JJ Grey & Mofro
With their first release nine years ago, Mofro introduced their unique sound to the world. It was a heady blend of funkiness nurtured in the Florida swamps combined with blues and southern rock influences. The band’s earthy approach attracted attention worldwide, seemingly keeping the band on a perpetual tour. When they changed labels in 2006 from Fog City Records to Alligator, JJ Grey’s name was highlighted to reflect his stature as the band’s driving force and principal songwriter.
His long-time collaborator, guitarist Daryl Hance, continued to be an integral part of Mofro on the first two Alligator releases but his name is missing from the credits for the latest recording, leaving Grey as the lone original member. Dan Prothero, head of Fog City Records, continues his streak as the band’s only producer. In the liner notes, Grey sings the praises of engineer Jim Devito and his Restrophonics Studio, the only facility that Grey has recorded in. And the results speak for themselves as both men are definitely attuned to sound that Grey is trying to capture.
Listen to the rhythmic pulse and taut guitar riff on “The Hottest Spot in Hell”. Chris von Sneidern on percussion sets a relentless pace behind Grey, who dials back the vocal intensity due to surging force generated by the band. The closing track follows, with Grey unleashing his magnificent voice on “Lullaby” with guest Derek Trucks adding a tortured slide guitar part to the proceedings. The title track is another highlight, with a sound like the Lowell George-era Little Feat. It refers to the nickname for a tough grasshopper that has qualities Grey sees in himself. “All” features an excited vocal by Grey and magnificent drumming from Anthony Cole.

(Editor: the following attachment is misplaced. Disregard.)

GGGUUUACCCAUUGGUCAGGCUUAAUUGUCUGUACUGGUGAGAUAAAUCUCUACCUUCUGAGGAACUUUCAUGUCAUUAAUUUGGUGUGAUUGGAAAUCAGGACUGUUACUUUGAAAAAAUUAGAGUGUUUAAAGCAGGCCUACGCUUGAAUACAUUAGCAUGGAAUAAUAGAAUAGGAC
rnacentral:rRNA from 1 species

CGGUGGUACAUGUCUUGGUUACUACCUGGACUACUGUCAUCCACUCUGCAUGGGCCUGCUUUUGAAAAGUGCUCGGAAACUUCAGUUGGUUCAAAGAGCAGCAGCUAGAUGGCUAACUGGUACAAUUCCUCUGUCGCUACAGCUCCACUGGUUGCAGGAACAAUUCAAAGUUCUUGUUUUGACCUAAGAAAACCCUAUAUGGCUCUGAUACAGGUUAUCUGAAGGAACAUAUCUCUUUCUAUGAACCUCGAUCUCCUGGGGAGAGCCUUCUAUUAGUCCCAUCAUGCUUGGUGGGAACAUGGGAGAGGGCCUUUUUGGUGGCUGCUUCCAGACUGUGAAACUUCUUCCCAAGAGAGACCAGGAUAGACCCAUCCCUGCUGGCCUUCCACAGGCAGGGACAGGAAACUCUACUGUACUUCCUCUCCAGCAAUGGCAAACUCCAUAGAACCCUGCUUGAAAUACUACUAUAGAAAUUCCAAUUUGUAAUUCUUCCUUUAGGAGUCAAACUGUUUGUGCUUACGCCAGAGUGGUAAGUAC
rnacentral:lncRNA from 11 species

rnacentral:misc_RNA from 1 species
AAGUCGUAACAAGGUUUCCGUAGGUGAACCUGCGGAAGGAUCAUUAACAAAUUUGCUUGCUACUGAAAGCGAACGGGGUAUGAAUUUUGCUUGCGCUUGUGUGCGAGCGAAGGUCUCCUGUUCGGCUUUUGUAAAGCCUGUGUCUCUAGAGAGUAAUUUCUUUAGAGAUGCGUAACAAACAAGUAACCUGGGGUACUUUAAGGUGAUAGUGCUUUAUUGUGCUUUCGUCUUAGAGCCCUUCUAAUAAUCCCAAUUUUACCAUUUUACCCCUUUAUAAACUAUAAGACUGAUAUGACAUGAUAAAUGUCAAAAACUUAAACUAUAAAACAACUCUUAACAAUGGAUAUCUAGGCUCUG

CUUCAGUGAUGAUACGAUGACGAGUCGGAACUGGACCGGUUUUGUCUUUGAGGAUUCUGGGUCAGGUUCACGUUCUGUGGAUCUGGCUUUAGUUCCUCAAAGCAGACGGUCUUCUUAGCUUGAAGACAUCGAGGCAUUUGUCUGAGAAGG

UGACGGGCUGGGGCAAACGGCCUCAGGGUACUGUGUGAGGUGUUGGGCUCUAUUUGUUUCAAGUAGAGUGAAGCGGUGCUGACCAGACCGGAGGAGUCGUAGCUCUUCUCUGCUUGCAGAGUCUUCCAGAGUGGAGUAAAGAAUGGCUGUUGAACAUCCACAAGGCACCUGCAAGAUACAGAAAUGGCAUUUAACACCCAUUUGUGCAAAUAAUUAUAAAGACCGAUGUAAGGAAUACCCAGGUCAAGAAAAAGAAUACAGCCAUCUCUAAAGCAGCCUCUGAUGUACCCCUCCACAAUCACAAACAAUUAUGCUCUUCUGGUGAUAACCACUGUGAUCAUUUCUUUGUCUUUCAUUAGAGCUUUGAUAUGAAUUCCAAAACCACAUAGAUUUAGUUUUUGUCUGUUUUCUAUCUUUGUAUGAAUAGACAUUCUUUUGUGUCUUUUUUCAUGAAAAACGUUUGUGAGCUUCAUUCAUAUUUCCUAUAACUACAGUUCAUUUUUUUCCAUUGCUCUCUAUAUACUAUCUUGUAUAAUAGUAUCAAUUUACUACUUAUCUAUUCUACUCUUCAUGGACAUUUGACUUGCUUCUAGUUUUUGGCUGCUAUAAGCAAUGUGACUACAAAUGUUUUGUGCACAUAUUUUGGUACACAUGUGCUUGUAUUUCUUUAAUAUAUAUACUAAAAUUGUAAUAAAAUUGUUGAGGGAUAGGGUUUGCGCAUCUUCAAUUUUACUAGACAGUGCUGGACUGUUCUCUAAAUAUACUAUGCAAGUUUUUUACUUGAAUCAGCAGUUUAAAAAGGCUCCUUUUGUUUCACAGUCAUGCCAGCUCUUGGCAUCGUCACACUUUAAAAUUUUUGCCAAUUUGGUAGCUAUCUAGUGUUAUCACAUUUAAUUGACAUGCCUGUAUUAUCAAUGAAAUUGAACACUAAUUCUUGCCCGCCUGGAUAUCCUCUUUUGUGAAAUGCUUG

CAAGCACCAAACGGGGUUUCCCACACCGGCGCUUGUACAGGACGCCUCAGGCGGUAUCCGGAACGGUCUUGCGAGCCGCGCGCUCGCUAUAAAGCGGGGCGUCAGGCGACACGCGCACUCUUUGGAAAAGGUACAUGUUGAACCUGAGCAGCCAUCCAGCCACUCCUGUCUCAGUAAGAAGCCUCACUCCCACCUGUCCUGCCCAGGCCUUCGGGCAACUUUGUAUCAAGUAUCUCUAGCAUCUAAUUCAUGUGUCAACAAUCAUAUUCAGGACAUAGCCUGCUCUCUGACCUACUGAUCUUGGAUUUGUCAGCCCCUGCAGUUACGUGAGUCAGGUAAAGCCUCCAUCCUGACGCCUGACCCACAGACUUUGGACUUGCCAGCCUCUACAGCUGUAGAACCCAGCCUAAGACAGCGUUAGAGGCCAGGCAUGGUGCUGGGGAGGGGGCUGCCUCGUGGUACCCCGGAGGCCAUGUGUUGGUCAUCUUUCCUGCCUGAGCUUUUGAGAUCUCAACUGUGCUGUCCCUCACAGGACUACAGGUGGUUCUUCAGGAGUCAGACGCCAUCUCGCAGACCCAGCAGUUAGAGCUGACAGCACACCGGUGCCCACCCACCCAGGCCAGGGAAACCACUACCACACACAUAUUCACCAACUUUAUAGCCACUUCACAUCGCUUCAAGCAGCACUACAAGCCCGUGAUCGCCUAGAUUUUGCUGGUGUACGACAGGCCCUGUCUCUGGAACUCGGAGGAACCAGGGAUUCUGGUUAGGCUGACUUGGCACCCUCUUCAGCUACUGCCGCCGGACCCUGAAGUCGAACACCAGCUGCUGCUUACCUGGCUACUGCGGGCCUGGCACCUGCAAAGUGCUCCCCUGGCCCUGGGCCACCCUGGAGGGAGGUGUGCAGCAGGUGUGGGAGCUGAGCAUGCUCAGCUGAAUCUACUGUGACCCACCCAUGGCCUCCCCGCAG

Grey’s acoustic guitar is featured on the arrangement for “Hide & Seek” along with his patented soulful singing. Cushioned by a horn section on “The Sweetest Thing”, famed reggae artist Toots Hibbert joins Grey, setting up a vocal exchange that ends in a draw as each singer turns in a colorful performance. “King Hummingbird” tackles the quest of a man seeking redemption. The track steadily grows in power until Grey cries out in agony, seeking forgiveness. “Slow, Hot & Sweaty” is an apt title for a piece that could easily fill any dance floor in the country with its grinding rhythm. The track also brings to light maybe the only weakness of the project. Grey occasionally falls victim to using a certain snippet of lyrics repeatedly in a song, which detracts from the solid musical foundation on every cut.
Grey handles all of the vocal and remaining guitar parts in addition to playing piano, synthesizer, clavinet, talkbox and harmonica. Additional band members include Andrew Rube on bass and lap steel guitar, Anthony Farrell on keyboards, Art Edmaistron on tenor saxophone, Dennis Marion on trumpet and Adam Scone, who brightens several tracks with his Hammond B3 organ. Together they energize Grey’s deeply personal compositions that take an unwavering glimpse of the world with all of its joy and pain, emotions that are expressed in Grey’s fervent singing. If you haven’t checked out any of the previous releases, make sure you give Georgia Warhorse a thorough listen so that you will no longer be deprived of the many savory moments served up by JJ Grey & Mofro.
Reviewed by Mark Thompson